Nothing instills a fear of pregnancy more than watching childbirth scenes that take place during the Medieval period… or the Renaissance… or during the Enlightenment… or any time, really, before the twentieth century. Screaming mistresses/courtesans/queens/princesses lay flushed in their canopied doily beds as frantic women flutter about the room, dipping cloths in hot water. Onscreen stories from the olden days are generally about royal or famously wealthy and powerful families, so the message we get is that childbirth was a horrifying pursuit, even for the always-beautiful progeny of the upper classes.
The birth of Lucrezia Borgia’s first child during the recent first season of Showtime’s The Borgias is a good example. For no explicitly stated reason, everyone thought she would probably die. The scene commences with Lucrezia’s powerful scream. She’s in a shadowed room, accompanied by three somber nuns. “I will die on this bed,” is the first thing she says, followed by Lamaze-style breathing (a modern technique, incidentally), more screaming, and more mentions of death. The scene cuts out to the hallway, where Lucrezia’s brother Cesare paces. Lucrezia’s mom bursts in. “How is she?” she inquires. “Alive still, at least,” Cesare answers.
Oh God. The very least they expect is that she survives? The business of birthing must have been truly dire in the late fifteenth century.
Death in childbirth is a common theme in popular novels, plays, and now movies and television. From War and Peace to Wuthering Heights to Oliver Twist to Gone With the Wind to contemporary examples (Star Wars, Angel, My Girl, Lost), maternal death is an admittedly convenient plot twist that later results in widowers who marry witches/rebellious teenaged sons/mournful teenaged daughters. Jane Austen poked fun at the clichéd maternal death plot in her novel Northanger Abbey: “She had three sons before Catherine was born; and instead of dying bringing the latter into the world, as anybody might expect, she still lived on—lived to have six children more—to see them growing up around her, and to enjoy excellent health herself.”
Once upon a time, death in childbirth was indeed more common than today in developed countries, but not as common as Hollywood would have you believe. The number one cause of maternal death in Europe from the seventeenth all the way through the twentieth century was puerperal fever, a communicable bacterial infection also known as “the doctor’s plague” and “childbed fever.” Doctors or other caretakers transmitted the disease to the woman when they touched her vagina. As a result, maternal death rates were lowest in villages with trained midwives, who were more likely to wash their hands and less likely to touch the vagina. On average, puerperal fever accounted for 40% of maternal deaths until the late nineteenth century. Beginning in the 1930s, maternal death rates dropped dramatically throughout the developed world due to professionally enforced use and better types of antiseptics, blood transfusions, improved sutures for C-sections, penicillin, and better anesthesia.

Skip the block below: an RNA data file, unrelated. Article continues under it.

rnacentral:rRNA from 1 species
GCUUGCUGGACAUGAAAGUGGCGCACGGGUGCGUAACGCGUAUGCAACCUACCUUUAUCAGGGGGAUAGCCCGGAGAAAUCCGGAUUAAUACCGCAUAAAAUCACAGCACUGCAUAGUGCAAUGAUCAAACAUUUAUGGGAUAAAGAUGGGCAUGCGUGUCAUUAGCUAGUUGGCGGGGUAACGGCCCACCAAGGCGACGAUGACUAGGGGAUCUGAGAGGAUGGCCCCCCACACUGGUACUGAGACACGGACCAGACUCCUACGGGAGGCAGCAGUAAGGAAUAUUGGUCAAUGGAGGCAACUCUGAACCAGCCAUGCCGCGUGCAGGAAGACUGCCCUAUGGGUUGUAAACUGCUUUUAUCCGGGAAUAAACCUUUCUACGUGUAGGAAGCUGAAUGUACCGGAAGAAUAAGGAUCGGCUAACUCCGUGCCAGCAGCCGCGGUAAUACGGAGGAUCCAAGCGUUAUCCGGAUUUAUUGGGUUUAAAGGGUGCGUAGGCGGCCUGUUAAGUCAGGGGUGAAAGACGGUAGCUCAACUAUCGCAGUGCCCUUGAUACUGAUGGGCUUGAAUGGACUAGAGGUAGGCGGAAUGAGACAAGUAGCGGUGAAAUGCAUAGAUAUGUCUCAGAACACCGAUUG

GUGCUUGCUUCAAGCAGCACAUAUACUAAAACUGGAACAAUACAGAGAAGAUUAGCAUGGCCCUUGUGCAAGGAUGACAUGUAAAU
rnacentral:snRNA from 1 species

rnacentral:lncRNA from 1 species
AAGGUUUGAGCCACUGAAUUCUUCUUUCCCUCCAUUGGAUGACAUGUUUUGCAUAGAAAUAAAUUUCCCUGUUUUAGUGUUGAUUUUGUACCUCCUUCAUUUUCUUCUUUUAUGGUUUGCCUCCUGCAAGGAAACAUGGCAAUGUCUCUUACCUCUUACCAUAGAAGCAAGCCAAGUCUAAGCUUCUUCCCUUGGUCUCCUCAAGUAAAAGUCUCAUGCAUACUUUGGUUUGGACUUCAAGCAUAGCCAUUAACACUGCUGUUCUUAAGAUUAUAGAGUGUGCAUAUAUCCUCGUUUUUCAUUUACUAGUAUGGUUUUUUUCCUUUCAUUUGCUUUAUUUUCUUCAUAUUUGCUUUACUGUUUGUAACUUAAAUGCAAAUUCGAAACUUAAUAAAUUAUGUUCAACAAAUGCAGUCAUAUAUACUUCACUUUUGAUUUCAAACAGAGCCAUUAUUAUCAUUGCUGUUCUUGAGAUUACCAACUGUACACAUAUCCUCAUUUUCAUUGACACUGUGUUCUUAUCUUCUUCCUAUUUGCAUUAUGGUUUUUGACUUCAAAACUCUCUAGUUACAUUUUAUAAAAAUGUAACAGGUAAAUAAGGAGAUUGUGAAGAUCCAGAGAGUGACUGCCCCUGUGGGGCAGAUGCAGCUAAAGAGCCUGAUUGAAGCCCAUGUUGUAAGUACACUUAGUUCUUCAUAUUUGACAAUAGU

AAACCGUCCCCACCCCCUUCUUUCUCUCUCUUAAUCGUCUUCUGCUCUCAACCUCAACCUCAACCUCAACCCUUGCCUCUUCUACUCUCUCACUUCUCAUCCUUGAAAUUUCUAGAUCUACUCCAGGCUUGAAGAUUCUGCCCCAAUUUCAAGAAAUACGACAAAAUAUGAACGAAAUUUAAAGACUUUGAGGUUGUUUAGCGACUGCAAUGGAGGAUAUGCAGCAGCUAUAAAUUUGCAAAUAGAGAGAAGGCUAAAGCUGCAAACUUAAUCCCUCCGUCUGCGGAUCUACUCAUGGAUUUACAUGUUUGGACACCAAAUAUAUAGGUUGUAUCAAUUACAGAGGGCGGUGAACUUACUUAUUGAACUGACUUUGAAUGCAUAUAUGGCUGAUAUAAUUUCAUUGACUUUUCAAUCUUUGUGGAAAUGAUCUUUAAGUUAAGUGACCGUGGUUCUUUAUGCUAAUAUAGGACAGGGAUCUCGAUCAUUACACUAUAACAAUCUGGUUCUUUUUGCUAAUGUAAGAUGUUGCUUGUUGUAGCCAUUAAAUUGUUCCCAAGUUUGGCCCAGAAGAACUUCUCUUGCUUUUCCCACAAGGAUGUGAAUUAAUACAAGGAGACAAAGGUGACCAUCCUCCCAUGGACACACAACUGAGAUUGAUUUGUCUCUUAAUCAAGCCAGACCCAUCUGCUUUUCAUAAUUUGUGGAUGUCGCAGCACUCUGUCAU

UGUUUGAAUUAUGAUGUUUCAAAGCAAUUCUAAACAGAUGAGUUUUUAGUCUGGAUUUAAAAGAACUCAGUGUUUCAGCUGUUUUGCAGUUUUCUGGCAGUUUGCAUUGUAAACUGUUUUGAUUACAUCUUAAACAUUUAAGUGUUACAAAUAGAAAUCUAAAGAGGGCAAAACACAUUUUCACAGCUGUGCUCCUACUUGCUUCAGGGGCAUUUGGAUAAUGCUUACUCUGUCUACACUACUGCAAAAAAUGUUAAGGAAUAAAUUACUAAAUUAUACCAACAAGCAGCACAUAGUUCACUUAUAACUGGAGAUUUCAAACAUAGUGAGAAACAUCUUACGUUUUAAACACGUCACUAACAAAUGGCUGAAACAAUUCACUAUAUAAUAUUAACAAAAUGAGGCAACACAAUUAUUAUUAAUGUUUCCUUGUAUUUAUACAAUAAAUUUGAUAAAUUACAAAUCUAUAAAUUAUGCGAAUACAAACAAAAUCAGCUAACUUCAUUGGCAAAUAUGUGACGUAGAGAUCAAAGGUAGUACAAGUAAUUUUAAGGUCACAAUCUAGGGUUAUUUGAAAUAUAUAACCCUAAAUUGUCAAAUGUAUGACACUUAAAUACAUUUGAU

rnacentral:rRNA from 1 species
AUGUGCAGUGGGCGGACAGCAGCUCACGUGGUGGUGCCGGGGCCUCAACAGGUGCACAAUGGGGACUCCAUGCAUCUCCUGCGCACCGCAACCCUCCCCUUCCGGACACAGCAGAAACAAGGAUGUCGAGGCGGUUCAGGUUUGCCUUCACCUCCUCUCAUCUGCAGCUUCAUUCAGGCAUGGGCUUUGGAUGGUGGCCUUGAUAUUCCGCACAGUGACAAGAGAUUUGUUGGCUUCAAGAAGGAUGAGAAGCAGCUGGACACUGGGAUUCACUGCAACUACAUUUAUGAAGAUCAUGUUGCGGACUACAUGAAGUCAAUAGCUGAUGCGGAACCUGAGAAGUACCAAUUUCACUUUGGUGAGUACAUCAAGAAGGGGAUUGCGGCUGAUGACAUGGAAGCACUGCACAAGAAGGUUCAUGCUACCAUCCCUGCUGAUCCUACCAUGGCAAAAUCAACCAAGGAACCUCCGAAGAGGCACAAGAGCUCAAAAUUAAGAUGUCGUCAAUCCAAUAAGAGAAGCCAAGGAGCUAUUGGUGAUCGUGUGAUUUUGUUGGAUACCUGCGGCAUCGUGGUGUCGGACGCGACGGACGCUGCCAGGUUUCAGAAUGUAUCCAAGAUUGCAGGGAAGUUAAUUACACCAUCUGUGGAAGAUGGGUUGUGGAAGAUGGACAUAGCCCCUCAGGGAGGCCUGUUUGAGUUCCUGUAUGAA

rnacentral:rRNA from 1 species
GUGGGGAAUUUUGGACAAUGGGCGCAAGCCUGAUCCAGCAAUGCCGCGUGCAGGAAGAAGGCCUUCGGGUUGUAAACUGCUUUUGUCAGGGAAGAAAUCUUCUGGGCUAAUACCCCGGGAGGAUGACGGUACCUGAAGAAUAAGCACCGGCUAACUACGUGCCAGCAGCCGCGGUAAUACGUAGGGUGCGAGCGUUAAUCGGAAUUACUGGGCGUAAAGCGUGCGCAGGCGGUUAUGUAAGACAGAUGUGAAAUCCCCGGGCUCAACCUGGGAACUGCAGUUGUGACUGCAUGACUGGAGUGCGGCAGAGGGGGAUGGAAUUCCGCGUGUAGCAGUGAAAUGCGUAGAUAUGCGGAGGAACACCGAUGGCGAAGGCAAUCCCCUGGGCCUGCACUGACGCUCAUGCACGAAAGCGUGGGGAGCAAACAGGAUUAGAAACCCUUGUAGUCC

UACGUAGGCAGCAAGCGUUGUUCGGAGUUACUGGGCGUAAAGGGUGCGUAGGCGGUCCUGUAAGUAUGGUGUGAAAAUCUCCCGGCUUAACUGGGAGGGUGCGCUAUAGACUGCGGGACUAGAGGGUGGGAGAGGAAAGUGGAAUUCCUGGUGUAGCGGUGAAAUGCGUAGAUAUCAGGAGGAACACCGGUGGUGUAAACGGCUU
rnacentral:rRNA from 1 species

But back to ye olden days. The maternal death rate in fifteenth century Italy was somewhere around 1.4 deaths for every 100 births, with regional variation. A meta-analysis of European death rates from the sixteenth to nineteenth centuries calculated an average death rate of 1.3%, which is similar to the World Health Organization’s current estimate of the “natural” maternal death rate, meaning the death rate in the absence of intervention (good or bad) of any kind.
So while a 1-2% chance of death is terrifying, does it justify the portrayal of birthing women as imminent corpses? Curiously enough, the preponderance of wealthy historical figures in period dramas lends some justification to chronic displays of childbirth death. Maternal mortality was higher for the upper classes, especially in England, because rich women were more likely to employ physicians, and physicians were more likely to spread disease or use forceps. Did I mention that Lucrezia Borgias did die in childbirth? She contracted puerperal fever during the birth of her eighth child. Hollywood’s obsession with the kings and queens of England does nothing to lesson the perception that childbearing is profoundly dangerous; England’s female royalty had almost unbelievably bad luck in childbearing. Queen Anne had 18 pregnancies and zero surviving heirs.
Don’t get me wrong—I’m not downplaying the potential dangers of childbirth. But exaggerating, fetishizing and sexualizing these dangers for entertainment purposes amounts, in my opinion, to some form of pornographication. To be clear, these scenes aren’t about puerperal fever. In period dramas, writers feel they can legitimately play up the dangers of childbirth—because women always died in childbirth “back then”—and thus they indulge in graphic scenes of sweaty, young, rosy-cheeked women in pain.